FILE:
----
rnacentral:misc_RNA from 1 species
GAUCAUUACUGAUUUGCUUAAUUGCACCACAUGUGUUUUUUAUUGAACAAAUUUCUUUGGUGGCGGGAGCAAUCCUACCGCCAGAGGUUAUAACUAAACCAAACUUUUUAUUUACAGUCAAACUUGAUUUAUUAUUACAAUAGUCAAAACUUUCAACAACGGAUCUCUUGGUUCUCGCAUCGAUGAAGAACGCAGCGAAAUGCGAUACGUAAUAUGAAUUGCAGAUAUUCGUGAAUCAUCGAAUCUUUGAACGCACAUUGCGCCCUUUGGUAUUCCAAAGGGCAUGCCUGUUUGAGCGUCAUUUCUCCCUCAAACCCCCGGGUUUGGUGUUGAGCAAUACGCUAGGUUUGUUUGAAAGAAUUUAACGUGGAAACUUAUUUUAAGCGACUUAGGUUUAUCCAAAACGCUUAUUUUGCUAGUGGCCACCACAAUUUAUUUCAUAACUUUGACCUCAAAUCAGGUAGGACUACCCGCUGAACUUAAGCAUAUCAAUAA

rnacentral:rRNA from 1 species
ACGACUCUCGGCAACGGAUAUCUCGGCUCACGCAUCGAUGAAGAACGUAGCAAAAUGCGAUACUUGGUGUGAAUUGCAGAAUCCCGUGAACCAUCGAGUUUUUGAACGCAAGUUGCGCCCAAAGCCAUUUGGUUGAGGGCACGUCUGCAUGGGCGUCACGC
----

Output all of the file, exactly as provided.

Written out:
rnacentral:misc_RNA from 1 species
GAUCAUUACUGAUUUGCUUAAUUGCACCACAUGUGUUUUUUAUUGAACAAAUUUCUUUGGUGGCGGGAGCAAUCCUACCGCCAGAGGUUAUAACUAAACCAAACUUUUUAUUUACAGUCAAACUUGAUUUAUUAUUACAAUAGUCAAAACUUUCAACAACGGAUCUCUUGGUUCUCGCAUCGAUGAAGAACGCAGCGAAAUGCGAUACGUAAUAUGAAUUGCAGAUAUUCGUGAAUCAUCGAAUCUUUGAACGCACAUUGCGCCCUUUGGUAUUCCAAAGGGCAUGCCUGUUUGAGCGUCAUUUCUCCCUCAAACCCCCGGGUUUGGUGUUGAGCAAUACGCUAGGUUUGUUUGAAAGAAUUUAACGUGGAAACUUAUUUUAAGCGACUUAGGUUUAUCCAAAACGCUUAUUUUGCUAGUGGCCACCACAAUUUAUUUCAUAACUUUGACCUCAAAUCAGGUAGGACUACCCGCUGAACUUAAGCAUAUCAAUAA

rnacentral:rRNA from 1 species
ACGACUCUCGGCAACGGAUAUCUCGGCUCACGCAUCGAUGAAGAACGUAGCAAAAUGCGAUACUUGGUGUGAAUUGCAGAAUCCCGUGAACCAUCGAGUUUUUGAACGCAAGUUGCGCCCAAAGCCAUUUGGUUGAGGGCACGUCUGCAUGGGCGUCACGC